Monaco Government Tourist and Convention Office
7 Upper Grosvenor Street
London W1K 2LX
Tel : +44 (0)207 491 4264
Fax : +44 (0)207 408 2487
This Palace was built in 1924, on the personal initiative of HSH Prince Louis II and inaugurated on May 1st 1930.
It is built out of sea tuff, a grey and porous stone, which was also used for Monaco's ramparts. This stone contains many small pebbles, and sometimes mollusc shells.The bust of the Sovereign Honoré II, dated 1568, appears on one of the Palace façades.
Visits not possible.
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Built with the stark white stones from La Turbie in 1875, this Roman-Byzantine-style building houses the burial places of past sovereigns, including Prince Rainier and Princess Grace. »Read more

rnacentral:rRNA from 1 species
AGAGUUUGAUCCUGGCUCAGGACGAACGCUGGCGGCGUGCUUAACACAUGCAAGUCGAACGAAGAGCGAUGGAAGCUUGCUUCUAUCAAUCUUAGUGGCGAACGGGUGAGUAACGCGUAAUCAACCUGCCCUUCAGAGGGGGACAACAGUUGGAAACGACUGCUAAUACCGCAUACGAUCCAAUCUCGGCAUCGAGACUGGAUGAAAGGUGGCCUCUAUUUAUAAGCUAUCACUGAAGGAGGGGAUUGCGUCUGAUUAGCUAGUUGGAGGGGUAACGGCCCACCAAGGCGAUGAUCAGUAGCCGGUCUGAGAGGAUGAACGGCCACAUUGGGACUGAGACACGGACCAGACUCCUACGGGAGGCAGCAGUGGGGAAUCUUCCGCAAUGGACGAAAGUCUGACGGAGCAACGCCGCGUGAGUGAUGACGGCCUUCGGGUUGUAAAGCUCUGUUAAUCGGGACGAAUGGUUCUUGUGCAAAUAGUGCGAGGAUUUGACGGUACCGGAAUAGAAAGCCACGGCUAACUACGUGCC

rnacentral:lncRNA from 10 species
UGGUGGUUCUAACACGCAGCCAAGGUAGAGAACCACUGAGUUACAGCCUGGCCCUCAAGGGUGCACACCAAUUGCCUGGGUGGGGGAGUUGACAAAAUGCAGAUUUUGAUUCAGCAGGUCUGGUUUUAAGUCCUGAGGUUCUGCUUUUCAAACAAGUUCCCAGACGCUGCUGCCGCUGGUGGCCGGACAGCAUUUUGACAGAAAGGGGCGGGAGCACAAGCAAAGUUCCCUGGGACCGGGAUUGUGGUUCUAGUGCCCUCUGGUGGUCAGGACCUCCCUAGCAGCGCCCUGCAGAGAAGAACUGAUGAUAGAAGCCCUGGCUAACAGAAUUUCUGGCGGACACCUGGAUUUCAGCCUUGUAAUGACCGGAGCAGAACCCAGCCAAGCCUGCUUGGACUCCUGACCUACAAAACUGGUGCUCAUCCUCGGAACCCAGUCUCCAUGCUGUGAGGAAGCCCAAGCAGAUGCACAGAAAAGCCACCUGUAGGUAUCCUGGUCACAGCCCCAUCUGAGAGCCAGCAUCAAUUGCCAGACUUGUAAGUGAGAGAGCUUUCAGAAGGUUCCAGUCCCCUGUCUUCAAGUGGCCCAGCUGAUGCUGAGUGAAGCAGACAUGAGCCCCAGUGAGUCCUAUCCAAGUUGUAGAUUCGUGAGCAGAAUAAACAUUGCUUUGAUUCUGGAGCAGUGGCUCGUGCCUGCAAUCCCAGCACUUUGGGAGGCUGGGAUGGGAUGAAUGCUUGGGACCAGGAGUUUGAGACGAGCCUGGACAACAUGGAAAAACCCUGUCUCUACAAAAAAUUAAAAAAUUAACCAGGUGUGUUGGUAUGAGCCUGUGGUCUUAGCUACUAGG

This fortress built at the beginning of the 18th century is now an open air theatre; it was rebuilt in 1953 under the initiative of HRH Prince Rainier III after having been destroyed in 1944. »Read more
This 11th century votive chapel is dedicated to the Principality's and Princely family's Patron Saint. »Read more
This Renaissance style building with its bell tower raising 30 metres skywards was inaugurated in 1883.Nineteen stained glass windows lighten up its nave, where the gilded chandelier comes from the old arms room at the Princely Palace. »Read more
It was built in 1893 by Charles Garnier, the architect of the Paris Opera House. »Read more
Guardian of an ancient tradition, this Palace located in a unique setting, was built on the site of a fortress erected by the Genoese in 1215. »Read more
Located in the Old Town, this chapel where the inaugural stone was blessed in 1639 in the reign of Prince Honoré II, Prior of the Brotherhood of Black Penitents, is built with just one nave. For four centuries on Easter Friday, this chapel was the starting point for the traditional procession. It was aboli... »Read more